I’d thought about writing about sharing…sharing our resources, sharing our skills, sharing ourselves to commune with one another. All good stuff. Especially in the context of the developing country I now reside, I feel compelled to consider what my part is in all this. What do I do with those hungry about me? Share. Do I share so much that I don’t have enough? Should I sell my home? Ask others to do the same? Live in a tent in the valley for the next forty years? Should I simply spend less? Be less consumed by consuming and materialism, give a few of the kids’ toys away and buy fewer lattes?
Then I have to ask if George W. Bush can give a few billion dollars to Africa, and that can’t change the tidal wave of poverty among the African masses, or if aid organizations or a few minor celebrities can’t put a major dent into the trouble, then what could possibly induce real change. Is the real solution political, having too much money in the hands of the corrupt and disorganized? And if it is, then how could I really help? My only conclusion is that I indeed don’t have an answer and there have been a few people that thought about this before me, have spent their lives advocating for it, and still nothing of a profound tidal wave. So I have to ask, what do you think? The spotlight is on you.
This equatorial sun is doing a lot for the growth of our family. Hannah has grown a foot, Zach is nighttime potty trained, Madelyn’s medical knowledge is expanding, and Rachel comfortably introduces herself to others. The heartiness factor of our family has increased. We can eat local veggies without fuss, live without electricity and even last a few days without running water. The kids have even tried a squatting outhouse, nuff said.
And today, we hired a taxi driver to take us twenty five minutes out of Kapsowar and drop us off in a tiny village called Sisay. We stood, we photographed and we awed over the Great Rift Valley…misty green with miles of sky above. We stood atop the highest local point and looked way down to the purported beginning of civilization. Photography does not do this view justice.
We were followed by the kid-arazzi…can’t say paparazzi, because they don’t have cameras. Don’t always know what to say to these sweet little things, but I shake their hands and hold my hand to my chest and say mamaHannah (introducing myself) and ask Djena lanku? (what’s your name?) Then I learn if they know a little Swahili. And if they don’t speak Swahili, I’m stuck. And if they speak Swahili, I’m still stuck, cause my repetoire ends at the next phrase: nini gabbi? (how much is that?… which doesn’t apply to a nine year old). The flock grew the longer we walked. The shocked cackles of kids up on hills looking down at us, or running alongside us pointing, or mamas directing their little ones to look at the muzungus…this all in honour of the colour of our skin! Imagine the trouble we’d be in if we made that sort of show walking down Victoria Street!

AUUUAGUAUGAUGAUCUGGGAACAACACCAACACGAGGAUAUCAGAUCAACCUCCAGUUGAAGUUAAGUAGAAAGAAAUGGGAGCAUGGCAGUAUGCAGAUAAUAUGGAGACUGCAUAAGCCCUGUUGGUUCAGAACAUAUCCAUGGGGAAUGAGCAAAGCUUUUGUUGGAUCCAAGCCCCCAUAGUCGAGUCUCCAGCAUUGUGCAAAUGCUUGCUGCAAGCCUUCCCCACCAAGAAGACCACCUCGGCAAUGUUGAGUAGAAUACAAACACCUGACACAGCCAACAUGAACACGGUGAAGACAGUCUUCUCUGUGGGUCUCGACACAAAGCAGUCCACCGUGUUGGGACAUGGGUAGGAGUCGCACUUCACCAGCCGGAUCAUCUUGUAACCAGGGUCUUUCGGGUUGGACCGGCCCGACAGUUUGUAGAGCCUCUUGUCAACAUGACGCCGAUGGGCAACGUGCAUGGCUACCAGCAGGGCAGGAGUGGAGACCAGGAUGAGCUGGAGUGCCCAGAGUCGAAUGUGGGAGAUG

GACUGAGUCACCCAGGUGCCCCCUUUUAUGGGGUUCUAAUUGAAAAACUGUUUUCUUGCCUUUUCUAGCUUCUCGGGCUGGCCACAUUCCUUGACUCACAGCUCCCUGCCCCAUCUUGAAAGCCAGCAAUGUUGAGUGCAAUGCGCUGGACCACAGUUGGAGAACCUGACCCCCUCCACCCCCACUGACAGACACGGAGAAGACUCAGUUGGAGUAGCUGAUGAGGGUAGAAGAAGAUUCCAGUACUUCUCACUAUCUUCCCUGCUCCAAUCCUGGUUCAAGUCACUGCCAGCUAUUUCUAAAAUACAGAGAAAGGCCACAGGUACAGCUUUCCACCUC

When we’d had our share of the Valley view, we walked out of this tiny village, back to Kapsowar. The taxi driver didn’t believe that we’d want to be left way up here. We anticipated a two hour walk back home. Up, down, and around these hills, motorcycles passing at every turn, travelling with one, two, or three passengers and no helmets. Children herding sheep and goats. Lots of little ones packing water, firewood, or bottles of oil.
Lush green, but with sharp and immediately descending shoulders, and continuous ruts of rust-coloured dust or muck, not even flat roads for walking let alone driving. Zach panted for water, despite being on daddy’s shoulders. Rachel and Madelyn had the occasional piggy back, and Hannah trekked independantly. Promise of a lollipop at the one hour mark kept them going. Shambas speckled throughout the valley, grass thatched roofs, and wandering cows. Every couple minutes we yelled motorcycle and everyone shuffled left or right. I was nearly clipped by one that came only inches from me. I am driver, hear me roar!
As we climbed the last hill, we recognized a few more landmarks, and saw the hints of town, Zach tripped, and a young girl came running to help him. Many men and boys were peeping down into the Kapsowar valley to watch a soccer game playing at the girls high school. We were relieved to see familiar Kapsowar.
We were thankful to have a little weekend of reprieve for Jim to share in our journey to the Great Rift Valley. Almost as soon as we were home, though, he was called about a thirty three year old who’d been in an accident and had serious reactions to a blood transfusion. He’s been the emerg doc/pseudo-ICU nurse, watching and waiting for the fellow’s oxygen saturations to improve after intubation ever since. But that’s why we came.
Being here has grown us, increased our fortitude, a fortitude that the Kenyans grow up learning. I’ll bet none of the kids we walked with along the way have sore feet and aching hips. In fact, they’d make no note of a two hour mountain walk, it’s their everyday. Africa, the land of fortitude.